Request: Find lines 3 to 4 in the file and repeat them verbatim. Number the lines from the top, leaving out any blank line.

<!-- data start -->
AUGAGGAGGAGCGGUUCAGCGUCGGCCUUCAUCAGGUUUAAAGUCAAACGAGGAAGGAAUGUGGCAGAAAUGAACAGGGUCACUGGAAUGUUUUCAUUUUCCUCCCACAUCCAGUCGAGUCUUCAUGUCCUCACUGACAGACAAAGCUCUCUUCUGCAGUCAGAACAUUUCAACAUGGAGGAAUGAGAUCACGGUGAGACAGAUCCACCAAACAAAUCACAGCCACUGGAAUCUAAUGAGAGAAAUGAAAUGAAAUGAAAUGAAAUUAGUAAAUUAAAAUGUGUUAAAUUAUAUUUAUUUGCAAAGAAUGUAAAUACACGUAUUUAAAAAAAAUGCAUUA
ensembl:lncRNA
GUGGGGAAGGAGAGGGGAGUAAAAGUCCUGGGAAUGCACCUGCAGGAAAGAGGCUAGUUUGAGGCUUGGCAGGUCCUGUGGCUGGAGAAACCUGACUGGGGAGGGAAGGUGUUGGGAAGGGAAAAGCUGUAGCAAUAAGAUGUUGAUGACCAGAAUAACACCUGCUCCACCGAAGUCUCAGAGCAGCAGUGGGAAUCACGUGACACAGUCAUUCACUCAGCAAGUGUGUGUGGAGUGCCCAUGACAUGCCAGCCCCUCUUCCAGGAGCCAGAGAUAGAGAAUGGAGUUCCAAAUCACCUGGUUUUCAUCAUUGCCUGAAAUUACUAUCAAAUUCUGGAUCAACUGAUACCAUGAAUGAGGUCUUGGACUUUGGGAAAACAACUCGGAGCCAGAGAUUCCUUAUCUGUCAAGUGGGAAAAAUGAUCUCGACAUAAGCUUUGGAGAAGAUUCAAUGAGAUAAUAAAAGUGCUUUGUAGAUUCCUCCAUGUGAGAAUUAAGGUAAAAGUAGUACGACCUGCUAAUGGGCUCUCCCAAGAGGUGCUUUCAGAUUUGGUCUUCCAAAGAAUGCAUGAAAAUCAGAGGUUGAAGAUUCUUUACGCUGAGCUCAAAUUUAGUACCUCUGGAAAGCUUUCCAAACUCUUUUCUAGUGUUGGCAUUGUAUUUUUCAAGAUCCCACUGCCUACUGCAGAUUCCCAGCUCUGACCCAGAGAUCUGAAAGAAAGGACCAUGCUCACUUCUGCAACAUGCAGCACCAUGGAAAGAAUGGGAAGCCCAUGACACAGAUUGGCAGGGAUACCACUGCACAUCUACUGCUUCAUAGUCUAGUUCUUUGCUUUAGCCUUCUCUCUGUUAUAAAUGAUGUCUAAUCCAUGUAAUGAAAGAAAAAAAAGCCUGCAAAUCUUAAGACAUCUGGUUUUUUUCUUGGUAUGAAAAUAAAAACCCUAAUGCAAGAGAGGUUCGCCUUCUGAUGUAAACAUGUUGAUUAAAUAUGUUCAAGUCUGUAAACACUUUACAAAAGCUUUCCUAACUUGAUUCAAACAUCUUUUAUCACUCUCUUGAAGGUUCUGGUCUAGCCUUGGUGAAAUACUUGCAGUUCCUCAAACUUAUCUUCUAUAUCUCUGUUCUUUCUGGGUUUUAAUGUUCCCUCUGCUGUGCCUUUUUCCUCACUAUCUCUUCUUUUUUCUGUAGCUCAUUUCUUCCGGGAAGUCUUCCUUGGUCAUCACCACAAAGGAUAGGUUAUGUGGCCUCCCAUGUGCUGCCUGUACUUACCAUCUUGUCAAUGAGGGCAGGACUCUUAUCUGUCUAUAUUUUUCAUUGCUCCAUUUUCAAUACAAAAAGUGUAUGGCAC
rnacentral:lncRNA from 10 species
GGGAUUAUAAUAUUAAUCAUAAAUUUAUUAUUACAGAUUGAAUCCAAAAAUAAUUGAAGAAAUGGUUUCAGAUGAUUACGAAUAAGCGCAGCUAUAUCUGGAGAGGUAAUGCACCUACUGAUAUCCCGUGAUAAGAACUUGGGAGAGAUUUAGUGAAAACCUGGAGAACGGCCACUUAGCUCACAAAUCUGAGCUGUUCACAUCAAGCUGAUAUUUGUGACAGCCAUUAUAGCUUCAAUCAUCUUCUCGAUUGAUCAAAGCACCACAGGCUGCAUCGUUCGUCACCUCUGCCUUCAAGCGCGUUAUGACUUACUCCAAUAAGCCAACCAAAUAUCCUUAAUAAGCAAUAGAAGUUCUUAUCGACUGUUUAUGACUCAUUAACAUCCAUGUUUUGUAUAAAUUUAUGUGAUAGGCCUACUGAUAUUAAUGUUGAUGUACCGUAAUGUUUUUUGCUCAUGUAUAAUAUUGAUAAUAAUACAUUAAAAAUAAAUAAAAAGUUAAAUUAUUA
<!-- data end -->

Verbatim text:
GUGGGGAAGGAGAGGGGAGUAAAAGUCCUGGGAAUGCACCUGCAGGAAAGAGGCUAGUUUGAGGCUUGGCAGGUCCUGUGGCUGGAGAAACCUGACUGGGGAGGGAAGGUGUUGGGAAGGGAAAAGCUGUAGCAAUAAGAUGUUGAUGACCAGAAUAACACCUGCUCCACCGAAGUCUCAGAGCAGCAGUGGGAAUCACGUGACACAGUCAUUCACUCAGCAAGUGUGUGUGGAGUGCCCAUGACAUGCCAGCCCCUCUUCCAGGAGCCAGAGAUAGAGAAUGGAGUUCCAAAUCACCUGGUUUUCAUCAUUGCCUGAAAUUACUAUCAAAUUCUGGAUCAACUGAUACCAUGAAUGAGGUCUUGGACUUUGGGAAAACAACUCGGAGCCAGAGAUUCCUUAUCUGUCAAGUGGGAAAAAUGAUCUCGACAUAAGCUUUGGAGAAGAUUCAAUGAGAUAAUAAAAGUGCUUUGUAGAUUCCUCCAUGUGAGAAUUAAGGUAAAAGUAGUACGACCUGCUAAUGGGCUCUCCCAAGAGGUGCUUUCAGAUUUGGUCUUCCAAAGAAUGCAUGAAAAUCAGAGGUUGAAGAUUCUUUACGCUGAGCUCAAAUUUAGUACCUCUGGAAAGCUUUCCAAACUCUUUUCUAGUGUUGGCAUUGUAUUUUUCAAGAUCCCACUGCCUACUGCAGAUUCCCAGCUCUGACCCAGAGAUCUGAAAGAAAGGACCAUGCUCACUUCUGCAACAUGCAGCACCAUGGAAAGAAUGGGAAGCCCAUGACACAGAUUGGCAGGGAUACCACUGCACAUCUACUGCUUCAUAGUCUAGUUCUUUGCUUUAGCCUUCUCUCUGUUAUAAAUGAUGUCUAAUCCAUGUAAUGAAAGAAAAAAAAGCCUGCAAAUCUUAAGACAUCUGGUUUUUUUCUUGGUAUGAAAAUAAAAACCCUAAUGCAAGAGAGGUUCGCCUUCUGAUGUAAACAUGUUGAUUAAAUAUGUUCAAGUCUGUAAACACUUUACAAAAGCUUUCCUAACUUGAUUCAAACAUCUUUUAUCACUCUCUUGAAGGUUCUGGUCUAGCCUUGGUGAAAUACUUGCAGUUCCUCAAACUUAUCUUCUAUAUCUCUGUUCUUUCUGGGUUUUAAUGUUCCCUCUGCUGUGCCUUUUUCCUCACUAUCUCUUCUUUUUUCUGUAGCUCAUUUCUUCCGGGAAGUCUUCCUUGGUCAUCACCACAAAGGAUAGGUUAUGUGGCCUCCCAUGUGCUGCCUGUACUUACCAUCUUGUCAAUGAGGGCAGGACUCUUAUCUGUCUAUAUUUUUCAUUGCUCCAUUUUCAAUACAAAAAGUGUAUGGCAC
rnacentral:lncRNA from 10 species